When the Pulpit Becomes Bully

In the first church I served as a pastor, we were a polling site. On a Monday, a man pulled up and asked when the polls opened. I politely responded that polls open on Tuesday. He then proceeded to stand on a soap box (that he provided for himself) questioning the faith of anyone who voted for a particular party.

I gathered that what he really wanted was me to share who I was going to vote for in the election. My response to him was simply this,
"It isn't my place to stand in judgment on who someone might choose to vote for in any election. We are still a free country. As to who I will vote for, my congregation does not even know."

I've been troubled in the recent publicity surrounding the Rev. Jeremiah Wright and Barack Obama. I do understand that in the black church, there is a fuzzy area between religion and politics that is part of the culture. If Barack was never running for office, would this ever have been an issue? Thirty years ago, there wouldn't have been clips of video to even debate about. It still does not change, I think, the need for reflection on the comments of a pastor from the pulpit.

In his blog, Pure Church: Irreverent Wrongs, Pastor Thabiti Anyabwile makes five points that I think any and all pastors ought to consider:

1. Feed the sheep, feed the sheep, feed the sheep.
"...the appropriate response from the pastor isn't a series of interviews but Galatians 6:1-2, gently pulling the erring brother aside."

2. Be willing to suffer reproach for doing good.
"...[the pastor] should willingly and joyfully suffer for doing good (1 Pet. 2:20-24; 3:13-17)."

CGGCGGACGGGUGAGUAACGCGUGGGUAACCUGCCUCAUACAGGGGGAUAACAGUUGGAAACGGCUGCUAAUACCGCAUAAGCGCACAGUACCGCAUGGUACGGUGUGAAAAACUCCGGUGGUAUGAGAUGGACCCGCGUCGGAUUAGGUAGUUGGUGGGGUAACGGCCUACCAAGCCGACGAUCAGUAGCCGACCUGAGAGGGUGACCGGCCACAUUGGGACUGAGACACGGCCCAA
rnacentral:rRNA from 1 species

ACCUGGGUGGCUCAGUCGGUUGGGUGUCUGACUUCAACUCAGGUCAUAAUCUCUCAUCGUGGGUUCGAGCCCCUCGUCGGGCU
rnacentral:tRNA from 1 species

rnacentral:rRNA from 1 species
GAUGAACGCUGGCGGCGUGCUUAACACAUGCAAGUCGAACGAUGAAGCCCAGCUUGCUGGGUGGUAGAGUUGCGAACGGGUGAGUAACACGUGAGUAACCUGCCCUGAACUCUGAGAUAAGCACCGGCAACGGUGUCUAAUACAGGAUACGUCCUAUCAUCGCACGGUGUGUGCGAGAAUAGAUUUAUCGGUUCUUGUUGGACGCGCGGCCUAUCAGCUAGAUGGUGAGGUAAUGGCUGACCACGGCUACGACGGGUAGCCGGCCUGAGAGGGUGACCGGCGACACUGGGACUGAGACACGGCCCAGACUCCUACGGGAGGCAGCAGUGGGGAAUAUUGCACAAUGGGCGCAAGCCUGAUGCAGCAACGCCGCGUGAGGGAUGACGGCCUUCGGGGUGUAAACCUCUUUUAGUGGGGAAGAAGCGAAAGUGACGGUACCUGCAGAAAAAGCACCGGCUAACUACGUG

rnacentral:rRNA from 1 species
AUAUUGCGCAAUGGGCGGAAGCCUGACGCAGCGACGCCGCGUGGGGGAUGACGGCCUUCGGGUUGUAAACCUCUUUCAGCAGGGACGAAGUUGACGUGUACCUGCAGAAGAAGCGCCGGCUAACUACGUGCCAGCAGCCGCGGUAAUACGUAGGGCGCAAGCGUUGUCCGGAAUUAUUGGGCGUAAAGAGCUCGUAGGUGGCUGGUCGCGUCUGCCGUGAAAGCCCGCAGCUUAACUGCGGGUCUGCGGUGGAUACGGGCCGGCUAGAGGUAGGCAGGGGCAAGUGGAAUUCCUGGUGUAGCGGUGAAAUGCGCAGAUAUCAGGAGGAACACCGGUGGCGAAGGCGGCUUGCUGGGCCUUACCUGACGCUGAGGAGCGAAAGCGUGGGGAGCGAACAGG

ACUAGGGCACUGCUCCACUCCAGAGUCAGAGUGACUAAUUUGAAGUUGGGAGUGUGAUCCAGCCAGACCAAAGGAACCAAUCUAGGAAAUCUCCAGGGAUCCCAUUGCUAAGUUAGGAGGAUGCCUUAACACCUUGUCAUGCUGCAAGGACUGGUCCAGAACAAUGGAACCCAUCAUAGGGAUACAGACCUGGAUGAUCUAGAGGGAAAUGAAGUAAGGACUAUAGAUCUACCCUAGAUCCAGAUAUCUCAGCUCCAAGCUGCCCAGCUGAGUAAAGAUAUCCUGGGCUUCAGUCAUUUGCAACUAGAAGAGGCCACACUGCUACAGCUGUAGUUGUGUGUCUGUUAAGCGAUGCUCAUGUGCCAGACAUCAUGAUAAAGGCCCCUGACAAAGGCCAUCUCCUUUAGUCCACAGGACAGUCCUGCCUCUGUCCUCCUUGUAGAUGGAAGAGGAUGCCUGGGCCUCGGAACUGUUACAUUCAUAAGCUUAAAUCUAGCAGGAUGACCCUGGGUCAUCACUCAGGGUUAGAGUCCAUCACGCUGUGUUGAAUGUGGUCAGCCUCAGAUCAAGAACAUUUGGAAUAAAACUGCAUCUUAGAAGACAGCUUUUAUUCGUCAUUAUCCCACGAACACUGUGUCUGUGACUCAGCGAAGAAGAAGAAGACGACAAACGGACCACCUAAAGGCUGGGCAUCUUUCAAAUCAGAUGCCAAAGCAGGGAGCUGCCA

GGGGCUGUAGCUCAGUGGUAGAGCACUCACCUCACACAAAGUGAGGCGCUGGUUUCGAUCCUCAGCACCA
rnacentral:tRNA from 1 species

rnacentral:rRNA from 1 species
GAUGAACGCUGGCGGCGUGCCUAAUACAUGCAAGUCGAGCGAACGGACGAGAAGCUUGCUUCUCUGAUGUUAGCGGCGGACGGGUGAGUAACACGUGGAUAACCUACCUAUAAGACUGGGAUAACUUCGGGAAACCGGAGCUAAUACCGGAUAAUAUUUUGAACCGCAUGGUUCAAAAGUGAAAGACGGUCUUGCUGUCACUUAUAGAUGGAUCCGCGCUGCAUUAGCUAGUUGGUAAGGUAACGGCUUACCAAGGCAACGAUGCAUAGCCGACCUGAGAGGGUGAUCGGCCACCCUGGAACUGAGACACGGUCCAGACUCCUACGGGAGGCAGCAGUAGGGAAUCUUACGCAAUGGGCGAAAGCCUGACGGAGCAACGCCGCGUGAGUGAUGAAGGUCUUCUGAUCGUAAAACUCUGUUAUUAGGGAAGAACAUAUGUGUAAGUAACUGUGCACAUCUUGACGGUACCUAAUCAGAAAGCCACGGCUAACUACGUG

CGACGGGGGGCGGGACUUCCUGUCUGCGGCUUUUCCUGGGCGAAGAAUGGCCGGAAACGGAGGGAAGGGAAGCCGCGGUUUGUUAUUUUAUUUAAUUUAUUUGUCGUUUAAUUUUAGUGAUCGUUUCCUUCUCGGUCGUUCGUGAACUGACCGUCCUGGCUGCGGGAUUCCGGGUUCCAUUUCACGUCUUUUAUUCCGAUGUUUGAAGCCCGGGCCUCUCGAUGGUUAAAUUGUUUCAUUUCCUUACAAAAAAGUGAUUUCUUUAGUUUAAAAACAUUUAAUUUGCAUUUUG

3. Think carefully about a separation of church and state principle in my own ministry and public comments on public issues.
"Whenever or if ever I am called to speak on some public issue, I need to do the hard work of knowing where the Bible stops speaking, where my opinion begins, and where either state concerns are over-running more fundamental biblical concerns or vice-versa."

4. Seek counsel before speaking.
"That hardly needs any elaboration, except to say that on stages as large as this, and on a thousand smaller ones, we either help the cause of Christ by speaking well or hinder it by speaking poorly."

5. Pray and war against pride.

As pastors but even as Christians, these are words and cautions we all should note. Clergy are not infallible. None of us are, be it at church, at work or at home. Would that we would all be more quick to repent than to reject correction.

May I Ask: What politics are appropriate to be preached from the pulpit?
May I Suggest: Read further Pastor Thabiti Anyabwile's blog on Pure Church: Irreverent Wrongs,

2 comments:

Dan said...

And besides, would you want any member of your congregation who might seek political office to have to answer for all of the sermons you've ever preached? LOL!

Nice level-headed stuff as always. Are you keeping up with General Conference? I've written about it some if you're interested...

Ken said...

LOL is right! I know there are sermons I don't want to answer for myself. ;)

I've only viewed a little bit of it. I'll have to check your thoughts on it.

  © Blogger template Webnolia by Ourblogtemplates.com 2009

Back to TOP